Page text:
Social Photographing

It's a pretty lame title, but the concept is a lot of fun. 

About 5-6 years ago, maybe more, I belonged to a photography forum which had members from all corners of the globe.  Over a period of years we'd gotten to know each other, names, where we lived, our favorite places to photograph, and even about our families.

 

Crater Lake Oregon

Nikon D2h, 12-24mm F4  @F11  12mm  ISO 200

 

We were always sharing images on this forum, and for sure we had a great time knowing each other.  But we wanted to take it a step further.  A step to make our socializing one step more personal and two steps more meaningful.

Someone came up with the idea that he'd buy a couple disposable digital cameras, and after making a list of who wanted to participate he would ship the cameras to the first person on the list.

The person who received the cameras would then take them on their next outing to their 'signature' location, a place we already associated this person by the images they'd already shared.  While there, they'd use the cameras to take exactly two images.  One from each camera.  They'd photograph their signature location.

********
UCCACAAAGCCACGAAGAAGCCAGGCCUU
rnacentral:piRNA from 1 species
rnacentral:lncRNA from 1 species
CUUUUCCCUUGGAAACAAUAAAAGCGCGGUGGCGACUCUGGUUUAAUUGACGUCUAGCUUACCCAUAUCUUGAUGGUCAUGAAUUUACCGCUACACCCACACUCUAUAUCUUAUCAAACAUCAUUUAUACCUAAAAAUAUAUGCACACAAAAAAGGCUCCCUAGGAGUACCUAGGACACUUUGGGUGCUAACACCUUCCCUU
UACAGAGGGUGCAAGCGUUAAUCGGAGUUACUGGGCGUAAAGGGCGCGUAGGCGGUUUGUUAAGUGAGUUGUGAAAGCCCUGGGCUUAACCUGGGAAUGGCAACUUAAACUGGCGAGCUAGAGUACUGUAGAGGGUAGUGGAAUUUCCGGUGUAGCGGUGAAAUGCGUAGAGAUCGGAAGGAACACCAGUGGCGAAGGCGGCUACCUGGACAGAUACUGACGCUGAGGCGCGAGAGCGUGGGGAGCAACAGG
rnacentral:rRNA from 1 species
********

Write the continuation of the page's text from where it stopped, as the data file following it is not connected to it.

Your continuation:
Crater Lake Oregon, summer months

Nikon D2h, 12-24mm F4  @F11  14mm  ISO 200

 

Keep in mind these are very simple cameras, not the expensive DSLRs most of us owned.  There were no controls to speak of, no adjustments, we'd just have to wait for the right light and do our best.  Once the two photographs were taken, the cameras would be packed up and sent on to the next person on the list.

A few fun and unplanned things happened with this process.  As each person received the box with the cameras, the outer layer of paper was very carefully cut away and saved.  After, the cameras were packed back in the box and the original outer layer of paper was reused to cover the box.  This outer layer of paper soon accumulated stamps, postmarks, and customs stamps from over 50 countries!  How fun is that?

This process took well over a year before the cameras were returned to the first person.  During this year we wanted to see some progress along the way, and in the forum the person who had most recently received the cameras would let everyone know they received them.  They'd then take them to their signature place, take the two photographs, and then find some creative way to photograph the cameras themselves using our DSLRs.  We'd then post those photos in the forum to keep everyone up to date and excited about a fun project which was taking a long time to accomplish.

 

Crater Lake Oregon

Nikon D2h, 12-24mm F4  @F11  12mm  ISO 200

 

Amazingly the two disposable cameras made it back to the start.  It took close to two years.  He took the cameras and had them "developed" to prints, because that's how they worked.. and then he scanned the prints and made a large gallery with all the images the two cameras captured, and all the images of the two cameras we took with out DSLRs.